|Copy of Douglas Ashby's article in the Kettering "Evening Telegraph", late 1960s, transcribed by Sally Crane|
Burton Latimer will soon be losing one of its few remaining old thatched houses when the dilapidated building at the rear of the shops on the High Street is demolished.
News of this has prompted
At the turn of the century many of the old houses and cottages in Burton Latimer were still thatched, since then only six remain with their original roofing; the others that still stand having had their roofs replaced with tiles, slates or corrugated iron.
The fated 18th century house off the High Street, built of local ironstone, was originally a farmhouse and the building adjoining - now converted into two flats - was a large thatched barn that at one time was used by the British Legion for meetings. The fronts of the shops bordering the High Street were constructed out of the original stone wall enclosing the farm yard, also the large stone building now containing a grocery store, belonged to the farm. Entrance gates were by the present cake-shop and at the rear of the house from the fields beyond.
Two other thatched houses remain on the High Street. The one opposite the original site* of the War Memorial was at one time the home of a shoe-maker and this trade was carried on in premises at the rear.
(* Note: this was correct at the time the article was written. The war memorial has since been restored to its original location!)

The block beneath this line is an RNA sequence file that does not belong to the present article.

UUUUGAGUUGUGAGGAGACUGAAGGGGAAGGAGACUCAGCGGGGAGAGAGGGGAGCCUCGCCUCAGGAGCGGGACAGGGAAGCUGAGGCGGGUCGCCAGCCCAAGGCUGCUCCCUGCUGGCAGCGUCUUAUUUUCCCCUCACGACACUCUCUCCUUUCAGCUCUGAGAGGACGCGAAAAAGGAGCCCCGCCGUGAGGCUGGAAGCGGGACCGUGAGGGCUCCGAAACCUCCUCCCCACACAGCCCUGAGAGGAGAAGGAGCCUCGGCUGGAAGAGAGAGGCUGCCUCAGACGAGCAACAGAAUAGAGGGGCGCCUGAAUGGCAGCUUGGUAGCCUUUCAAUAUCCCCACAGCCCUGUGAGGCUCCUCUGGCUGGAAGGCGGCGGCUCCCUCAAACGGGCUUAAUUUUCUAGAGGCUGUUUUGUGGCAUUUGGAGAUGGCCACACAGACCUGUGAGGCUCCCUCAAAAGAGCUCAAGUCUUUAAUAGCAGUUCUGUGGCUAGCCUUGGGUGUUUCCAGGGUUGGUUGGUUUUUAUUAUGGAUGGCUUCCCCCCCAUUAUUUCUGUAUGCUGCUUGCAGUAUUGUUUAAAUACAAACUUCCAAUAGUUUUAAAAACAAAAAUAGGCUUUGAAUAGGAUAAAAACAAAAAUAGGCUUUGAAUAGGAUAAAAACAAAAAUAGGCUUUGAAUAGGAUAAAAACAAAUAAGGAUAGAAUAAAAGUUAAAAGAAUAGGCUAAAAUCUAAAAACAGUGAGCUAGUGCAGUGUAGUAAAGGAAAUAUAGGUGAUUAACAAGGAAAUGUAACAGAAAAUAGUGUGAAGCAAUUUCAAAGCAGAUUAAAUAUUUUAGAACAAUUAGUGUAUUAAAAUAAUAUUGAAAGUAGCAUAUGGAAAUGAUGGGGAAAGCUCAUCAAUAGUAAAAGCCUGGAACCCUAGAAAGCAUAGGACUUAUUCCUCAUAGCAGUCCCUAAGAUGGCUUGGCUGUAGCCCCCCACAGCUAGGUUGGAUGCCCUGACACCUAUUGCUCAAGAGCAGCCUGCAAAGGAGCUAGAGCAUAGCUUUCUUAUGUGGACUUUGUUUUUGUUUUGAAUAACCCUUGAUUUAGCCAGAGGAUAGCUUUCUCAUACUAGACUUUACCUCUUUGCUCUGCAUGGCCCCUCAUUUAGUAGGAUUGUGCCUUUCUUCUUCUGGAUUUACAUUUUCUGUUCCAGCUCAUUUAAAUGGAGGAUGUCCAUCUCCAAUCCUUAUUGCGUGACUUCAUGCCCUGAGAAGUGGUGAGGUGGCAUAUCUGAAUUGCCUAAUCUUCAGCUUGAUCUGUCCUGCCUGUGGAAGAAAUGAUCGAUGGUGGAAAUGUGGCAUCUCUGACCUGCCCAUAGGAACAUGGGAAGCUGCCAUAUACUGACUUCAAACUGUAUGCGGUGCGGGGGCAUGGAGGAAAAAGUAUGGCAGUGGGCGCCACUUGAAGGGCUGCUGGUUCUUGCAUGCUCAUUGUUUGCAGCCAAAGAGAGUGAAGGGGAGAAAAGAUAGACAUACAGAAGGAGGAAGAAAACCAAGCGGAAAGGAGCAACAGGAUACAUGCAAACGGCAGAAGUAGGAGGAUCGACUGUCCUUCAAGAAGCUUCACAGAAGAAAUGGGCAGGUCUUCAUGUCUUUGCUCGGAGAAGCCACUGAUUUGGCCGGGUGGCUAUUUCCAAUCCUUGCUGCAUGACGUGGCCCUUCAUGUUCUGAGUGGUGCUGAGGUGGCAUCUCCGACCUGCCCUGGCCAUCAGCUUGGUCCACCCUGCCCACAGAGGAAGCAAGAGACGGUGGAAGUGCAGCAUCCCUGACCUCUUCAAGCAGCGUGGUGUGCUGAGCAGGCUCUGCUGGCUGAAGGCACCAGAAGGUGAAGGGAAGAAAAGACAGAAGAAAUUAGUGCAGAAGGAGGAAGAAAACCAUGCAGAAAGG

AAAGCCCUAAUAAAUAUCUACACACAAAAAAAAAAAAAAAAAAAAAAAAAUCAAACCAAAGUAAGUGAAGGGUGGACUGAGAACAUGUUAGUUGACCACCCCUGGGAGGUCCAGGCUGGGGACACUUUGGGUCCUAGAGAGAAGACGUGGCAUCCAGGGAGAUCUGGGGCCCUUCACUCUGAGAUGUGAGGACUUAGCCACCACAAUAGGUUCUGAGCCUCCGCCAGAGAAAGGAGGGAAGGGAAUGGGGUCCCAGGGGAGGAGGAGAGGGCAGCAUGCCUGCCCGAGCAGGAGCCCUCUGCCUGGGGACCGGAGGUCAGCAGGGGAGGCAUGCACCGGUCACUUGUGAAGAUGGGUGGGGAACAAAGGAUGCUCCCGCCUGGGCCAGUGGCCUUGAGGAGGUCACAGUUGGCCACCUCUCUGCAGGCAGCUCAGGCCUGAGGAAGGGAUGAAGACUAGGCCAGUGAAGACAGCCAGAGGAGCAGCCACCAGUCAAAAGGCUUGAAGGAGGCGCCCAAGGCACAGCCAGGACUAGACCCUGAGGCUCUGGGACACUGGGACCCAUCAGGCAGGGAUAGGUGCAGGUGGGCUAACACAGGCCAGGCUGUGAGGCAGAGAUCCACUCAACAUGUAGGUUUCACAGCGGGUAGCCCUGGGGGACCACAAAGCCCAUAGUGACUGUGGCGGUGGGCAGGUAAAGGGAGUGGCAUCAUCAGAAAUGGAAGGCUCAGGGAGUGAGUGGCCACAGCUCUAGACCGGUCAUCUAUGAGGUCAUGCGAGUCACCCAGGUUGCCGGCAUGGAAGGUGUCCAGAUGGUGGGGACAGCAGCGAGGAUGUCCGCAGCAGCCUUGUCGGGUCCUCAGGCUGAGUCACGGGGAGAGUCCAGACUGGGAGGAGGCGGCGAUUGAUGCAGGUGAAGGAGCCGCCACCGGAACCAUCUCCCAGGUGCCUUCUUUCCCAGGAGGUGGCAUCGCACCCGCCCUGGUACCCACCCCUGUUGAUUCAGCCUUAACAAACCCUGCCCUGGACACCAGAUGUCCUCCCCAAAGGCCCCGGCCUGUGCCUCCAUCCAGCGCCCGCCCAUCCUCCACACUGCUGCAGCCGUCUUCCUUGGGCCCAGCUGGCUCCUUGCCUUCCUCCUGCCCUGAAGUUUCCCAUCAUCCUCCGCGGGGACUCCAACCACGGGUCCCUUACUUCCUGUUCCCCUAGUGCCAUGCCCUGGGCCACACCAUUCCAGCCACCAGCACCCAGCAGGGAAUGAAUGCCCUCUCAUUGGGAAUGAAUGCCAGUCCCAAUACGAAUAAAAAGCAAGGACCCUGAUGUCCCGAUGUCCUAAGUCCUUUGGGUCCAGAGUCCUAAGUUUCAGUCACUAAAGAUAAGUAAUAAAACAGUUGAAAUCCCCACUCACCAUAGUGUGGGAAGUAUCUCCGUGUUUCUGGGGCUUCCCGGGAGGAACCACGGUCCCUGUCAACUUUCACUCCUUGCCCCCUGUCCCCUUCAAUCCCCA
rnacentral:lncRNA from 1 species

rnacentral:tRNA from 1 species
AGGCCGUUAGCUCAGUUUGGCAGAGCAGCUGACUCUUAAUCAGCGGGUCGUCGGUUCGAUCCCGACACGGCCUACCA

The other cottage adjoins
Another interesting old stone house, partly thatched, stands at the end of
The shop in
Undoubtedly the most attractive of the remaining six thatched houses is the Manor House, which bears the date 1704 on the south gable. Standing as it does on its mediaeval mound adjacent to the ancient parish church, one has the impression that time has stood still and that this day and age is far removed from the 20th century. There must have been a residence on this site from as far back as Saxon times, as most certainly a Saxon church preceded the present
At one time the Manor House belonged to the Duke of Buccleuch and was used as a farm. In 1840 the land had to be walled off to prevent cattle straying into the churchyard. In later years it was the home of several curates, and in the 1920’s was extensively altered and restored, the north gable and entrance being added.
The pleasant house near the churchyard gate rebuilt in 1898, was originally thatched, and the old stone was used in the reconstruction. Also in
The great blizzard of March 1916 played havoc with thatched roofs. What we know as
The ruin adjoining the Wagon and Horses was originally a farm house, and the large barns to the rear were also at one time thatched. On the opposite side of the road three old cottages near to the present garage were demolished in the early 1930’s.
Several cottages in
In what was known as
A self-service store has replaced a row of old thatched cottages at the end of
What is still known as Amblers Cottage next to the Britannia Club was, in its day, the last house on that side of the road. Its thatched roof was replaced with tiles some years ago.
Undoubtedly there were many other thatched properties in the village as it was then, which have long since passed from the scene. Today there is an air of sadness about a dilapidated old house that for many years played its part in providing a home for generations that have seen good times and bad, but the old order changeth, and as in previous years progress has to replace sentiment, the one consolation being that where it is possible to restore an old house it is being done.